May 23 2013 11:22AM
As we barrel head-long into the off-season, the 2013 NHL Draft approaches rapidly. Estimations of what your Calgary Flames will do at the draft, in terms of picks, can be guided in terms of what they've said publicly on the subject and what they've done in the past.
NEEDS and VALUES
Based on GM Jay Feaster's public comments, the Flames have identified their specific needs: size and grit, centers and a physical presence on their blueline. They won't necessarily try to fill those gaps just at the draft, but those thoughts are in the back of their mind.
We can filter that needs assessment with the draft tendencies/value the club has established under the new regime. Jay Feaster has been at the helm of the Flames through two drafts and has made 12 selections, the last seven at the recommendation of John Weisbrod, who heads all scouting.
The Flames have chosen two goalies, four defensemen and six forwards. By source league, that's four from the USHL, five from the WHL, one from the QMJHL, one from Finland and one from Quebec prep school. There's some evidence of the club varying its sources a bit and trying not to select too many of the same “type” of player.
Based on interviews and conversations with Flames management and scouts, the team values hockey sense the most, followed by character, skill and skating. In other words, if you think the game really well – or the scouts say you do – you're high on the Flames scouting list.
I've mentioned Ottawa 67s pivot Sean Monahan recently. He's reasonably big, and arguably he's the best of the non “Big 6” (Jones, MacKinnon, Drouin, Lindolm, Barkov and Nichushkin). He was also a very strong player on a lousy team and would have been a very high pick even in the 2012 draft had he been eligible.
But don't sleep on Edmonton Oil Kings Curtis Lazar, the London Knights Bo Horvat or Regina's Morgan Klimchuk. Horvat in particular has been a strong player on a great London Knights, and one that drives the club's offense. Lazar isn't as crucial to Edmonton's success, but has one of the best, most accurate shots in this draft class.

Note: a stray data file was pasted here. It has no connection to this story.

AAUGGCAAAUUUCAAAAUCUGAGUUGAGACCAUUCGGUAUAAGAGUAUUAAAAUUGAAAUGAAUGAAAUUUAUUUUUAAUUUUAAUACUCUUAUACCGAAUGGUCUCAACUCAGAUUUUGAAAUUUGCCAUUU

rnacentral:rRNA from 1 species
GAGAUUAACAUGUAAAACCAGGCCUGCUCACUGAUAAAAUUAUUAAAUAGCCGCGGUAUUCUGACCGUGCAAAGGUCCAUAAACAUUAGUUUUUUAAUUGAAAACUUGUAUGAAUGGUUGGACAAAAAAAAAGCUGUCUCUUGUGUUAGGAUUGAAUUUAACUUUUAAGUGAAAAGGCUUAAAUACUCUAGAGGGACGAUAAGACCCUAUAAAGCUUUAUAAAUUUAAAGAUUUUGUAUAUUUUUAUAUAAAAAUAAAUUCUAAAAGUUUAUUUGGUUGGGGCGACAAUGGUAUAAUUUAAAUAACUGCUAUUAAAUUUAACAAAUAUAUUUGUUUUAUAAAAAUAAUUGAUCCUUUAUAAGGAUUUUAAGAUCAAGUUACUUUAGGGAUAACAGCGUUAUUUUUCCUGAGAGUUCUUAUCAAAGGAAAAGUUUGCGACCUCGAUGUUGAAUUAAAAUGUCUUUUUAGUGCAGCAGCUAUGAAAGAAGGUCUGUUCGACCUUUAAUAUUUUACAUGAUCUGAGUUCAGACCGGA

I will continue to tout Ryan Hartman of the Plymouth Whalers until the draft, as I think he's great.
Andre Burakowsky of Malmo is a bit less gritty, but has arguably more skill. Corey Pronman (of the vaunted Hockey Prospectus) quoted a source in his analysis who pegged Burakowsky's “work ethic as equal to his skill level.” That's a good sign. Swedish forward Jacob de la Rose, of Leksand IF, is also said to be excellent as a physical, two-way player, but projects more as a second rounder.
Another name to keep in mind is Adam Erne out of the Quebec Remparts. The Flames have seen quite a bit of him (via scouting Ryan Culkin), and he's said to be big, fast and physically strong. He'll be available in the mid-to-late first round.
This is where this first round shines. There are a lot of big, physical defenders available in this year's draft.
Rasmus Ristolainen is arguably the best. He's Finnish and has played in the SM-Liiga all season against grown-ass men, as a 17-year-old, and done quite well. Another high-level defender is Darnell Nurse, of the OHL's Sault Ste. Marie Greyhounds. He's big, physical and is Donovan McNabb's nephew. And both of his parents are athletes, too. Nurse is roundly considered the best defender available after Seth Jones.
Outside of those two, standouts include London's huge Nikita Zadorov, Kelowna's Madison Bowey, Everett's Mirco Mueller and a pair of USHL blueliners – Steven Santini of the U.S. National Development Team and Ian McCoshen of the Waterloo Blackhawks. Both players are committed to join Johnny Gaudreau and Bill Arnold at Boston College for the 2013-14 season, so they are no doubt on the Flames radar.
HIGH SCHOOL KIDS
I'd be remiss if I didn't mention two key things about high school kids.
First, there's a few decent lowly-ranked, long-term project type high school prospects out of Minnesota that stand out in the Central Scouting rankings. Jacob Jackson had 56 points in 25 games with Tartan High School, while Zach Glienke of Egan High School had 60 points in 25 games, and is 6'3” and 190 pounds. Either could be worth a shot in the seventh round.
Second, the best high school kids in the draft are supposedly Tommy Vannelli out of Minnetona High School in Minnesota – he's a decently big defenseman – and Connor Hurley out of Edina High School, also in Minnesota, who's a center. Vannelli's committed to the University of Minnesota, but may play a year with the UHSL's Tri-City Storm before he heads to college. Hurley's joining the Muskegon Lumberjacks of the USHL next year and then heading to Notre Dame.